By Staff Report
Mar. 9, 2021
The promise of algorithms completely taking over scheduling and eliminating all human input seems too good to be true — and it is.
Take Starbucks’ scheduling challenges in 2014, which was the focus of a 2015 investigation by the New York attorney general’s office that also looked into the scheduling practices of 12 other retailers. Starbucks was criticized for its use of their legacy software to algorithmically generate schedules, which many claimed caused chaos and uncertainty in employees’ lives. When they didn’t know when their next shift would be or whether their shifts would get canceled at the last minute, it became increasingly more challenging for many employees to find child care, take classes, hold a second job or plan for the future.
Algorithms optimize efficiency and are part of the equation for creating the best schedules, but organizations can’t forget about the other key factor: employee input and flexibility. Without the human factor, the employer benefits while the employee must suffer through potentially chaotic and unreliable schedules. While solely focusing on employee input, the workers benefit while the employer loses the efficiency that scheduling algorithms carry. Luckily, a win-win is possible when combining these strategies.
People have been trying to create shifts with algorithms and machine learning without ideal results for a long time, as far back as 20 years ago, said Josh Cameron, Chief Strategy Officer at Workforce.com, citing a paper that explored the academic literature on personnel scheduling problems as far back as 2004. One issue that has arisen with this is that the quality of a schedule is dependent on the type of data and amount of data that managers input. Quality data will help produce a better schedule, but, conversely, “rubbish in, rubbish out,” Cameron said.
Further, when managers create a schedule by hand, they’re considering many factors, not all of which can be quantifiable as data or easy to capture as data, he added. For example, employee shift preferences are not easy to capture because individuals have their own preferences that are constantly changing.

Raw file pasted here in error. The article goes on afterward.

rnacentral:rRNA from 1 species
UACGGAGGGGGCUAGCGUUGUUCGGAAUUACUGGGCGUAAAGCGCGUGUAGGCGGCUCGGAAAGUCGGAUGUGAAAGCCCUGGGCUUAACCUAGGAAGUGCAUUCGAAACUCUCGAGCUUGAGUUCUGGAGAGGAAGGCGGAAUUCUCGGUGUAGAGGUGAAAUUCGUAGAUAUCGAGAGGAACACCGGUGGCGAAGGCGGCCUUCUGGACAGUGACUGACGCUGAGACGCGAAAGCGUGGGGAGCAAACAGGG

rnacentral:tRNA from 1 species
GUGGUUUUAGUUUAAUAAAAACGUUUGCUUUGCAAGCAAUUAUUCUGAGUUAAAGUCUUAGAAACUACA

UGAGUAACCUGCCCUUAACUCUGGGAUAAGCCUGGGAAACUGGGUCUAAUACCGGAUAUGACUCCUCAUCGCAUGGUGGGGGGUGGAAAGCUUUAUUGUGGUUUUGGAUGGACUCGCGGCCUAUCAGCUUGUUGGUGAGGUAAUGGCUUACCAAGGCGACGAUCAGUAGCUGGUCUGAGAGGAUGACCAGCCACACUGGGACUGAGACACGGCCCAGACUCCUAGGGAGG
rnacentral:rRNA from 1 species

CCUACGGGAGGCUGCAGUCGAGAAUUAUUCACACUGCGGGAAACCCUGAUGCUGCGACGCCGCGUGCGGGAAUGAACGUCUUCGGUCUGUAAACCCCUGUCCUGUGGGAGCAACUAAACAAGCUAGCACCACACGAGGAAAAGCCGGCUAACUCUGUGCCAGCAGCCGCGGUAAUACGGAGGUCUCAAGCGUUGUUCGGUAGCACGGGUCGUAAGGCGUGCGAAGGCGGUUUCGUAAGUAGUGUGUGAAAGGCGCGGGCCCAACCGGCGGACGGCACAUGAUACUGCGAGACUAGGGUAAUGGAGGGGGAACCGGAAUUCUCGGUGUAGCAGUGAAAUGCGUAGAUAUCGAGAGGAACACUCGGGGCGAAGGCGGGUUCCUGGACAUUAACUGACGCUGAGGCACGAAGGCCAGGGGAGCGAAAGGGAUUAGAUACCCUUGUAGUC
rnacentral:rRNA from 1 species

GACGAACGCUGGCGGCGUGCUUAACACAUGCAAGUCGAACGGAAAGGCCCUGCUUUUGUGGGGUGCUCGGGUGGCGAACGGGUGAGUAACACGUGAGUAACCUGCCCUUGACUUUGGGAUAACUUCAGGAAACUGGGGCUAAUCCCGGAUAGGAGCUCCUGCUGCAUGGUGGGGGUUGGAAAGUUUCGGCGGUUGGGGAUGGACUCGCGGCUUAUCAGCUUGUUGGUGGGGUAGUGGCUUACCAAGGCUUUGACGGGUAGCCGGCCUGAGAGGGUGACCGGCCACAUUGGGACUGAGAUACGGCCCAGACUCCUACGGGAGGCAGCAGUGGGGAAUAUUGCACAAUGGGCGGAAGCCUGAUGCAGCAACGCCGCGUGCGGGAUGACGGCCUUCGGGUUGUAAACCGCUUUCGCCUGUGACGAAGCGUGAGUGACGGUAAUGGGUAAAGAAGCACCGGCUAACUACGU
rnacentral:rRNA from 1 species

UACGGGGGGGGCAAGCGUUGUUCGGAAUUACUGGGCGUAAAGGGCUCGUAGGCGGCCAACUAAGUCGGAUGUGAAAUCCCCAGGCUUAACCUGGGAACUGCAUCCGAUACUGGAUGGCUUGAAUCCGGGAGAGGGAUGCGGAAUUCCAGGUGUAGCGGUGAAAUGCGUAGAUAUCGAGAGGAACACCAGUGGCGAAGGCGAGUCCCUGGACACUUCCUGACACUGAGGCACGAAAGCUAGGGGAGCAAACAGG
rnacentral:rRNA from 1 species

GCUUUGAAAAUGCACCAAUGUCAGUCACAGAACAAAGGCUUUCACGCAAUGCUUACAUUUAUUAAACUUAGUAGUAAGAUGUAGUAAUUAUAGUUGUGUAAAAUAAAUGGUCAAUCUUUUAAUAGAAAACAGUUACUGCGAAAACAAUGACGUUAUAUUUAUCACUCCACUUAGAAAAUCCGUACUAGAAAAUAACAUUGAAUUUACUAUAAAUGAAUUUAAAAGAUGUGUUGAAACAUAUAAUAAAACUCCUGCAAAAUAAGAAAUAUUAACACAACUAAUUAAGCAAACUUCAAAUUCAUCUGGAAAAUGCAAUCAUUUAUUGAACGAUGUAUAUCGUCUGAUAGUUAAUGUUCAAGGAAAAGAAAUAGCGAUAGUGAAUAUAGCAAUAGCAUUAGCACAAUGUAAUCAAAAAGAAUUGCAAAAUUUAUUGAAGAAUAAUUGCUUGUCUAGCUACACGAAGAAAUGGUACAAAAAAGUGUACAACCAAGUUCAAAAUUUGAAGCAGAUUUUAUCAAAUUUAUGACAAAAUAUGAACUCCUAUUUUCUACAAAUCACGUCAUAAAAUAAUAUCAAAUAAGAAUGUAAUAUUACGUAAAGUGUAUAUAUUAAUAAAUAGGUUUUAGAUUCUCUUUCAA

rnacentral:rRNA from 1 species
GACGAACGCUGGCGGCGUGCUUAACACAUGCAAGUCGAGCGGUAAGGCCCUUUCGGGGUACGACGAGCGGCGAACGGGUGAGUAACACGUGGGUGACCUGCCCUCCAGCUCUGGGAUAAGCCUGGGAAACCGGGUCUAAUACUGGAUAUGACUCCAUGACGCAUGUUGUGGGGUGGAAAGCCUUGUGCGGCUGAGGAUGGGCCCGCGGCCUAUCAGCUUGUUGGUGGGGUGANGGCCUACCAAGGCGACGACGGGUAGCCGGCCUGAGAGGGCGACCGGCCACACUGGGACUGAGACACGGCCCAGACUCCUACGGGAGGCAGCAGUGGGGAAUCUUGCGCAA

“When we use machine learning algorithms, that’s only about half the equation, and there’s a limit to how well we can do it,” Cameron said. “Regardless of how good algorithms get, there will always be limits on how much information we can reasonably collect from employees on their preferences.”
The approach Workforce.com is taking is completely novel to what other companies are trying to do, he added. Rather than solely investing in making the algorithm better, the company is going a step further, he said.
“We’re some of the first people to realize how potentially limited the approach is,” he added. “We stepped back and asked, ‘How can we also let employees get the most value from their schedule, in an equal win-win way?’ Because happy workers are productive workers.”
Relying solely on algorithms sets scheduling as a zero-sum game where employees have to lose out in order for the business to gain or vice-versa. Auto-scheduling is a harder solution to build, but at Workforce.com we treat this as our core belief that employee-employer relationships should be built on win-win.
To create the best, most accurate schedule, managers need to be able to accurately predict demand, create the right shift pattern and fill that shift panel with the right employees. Each of these individual steps poses its own pain points for managers, but by investing in the right scheduling technology, organizational leadership can make this process smoother and more accurate.
Demand prediction is the first key step in scheduling. The more applicable information a manager can collect, the more accurate and confident they can be with demand prediction. The right software will take into consideration factors such as weather or time of year, but managers also have a human role in this. They can identify demand predictors that are unique to that location.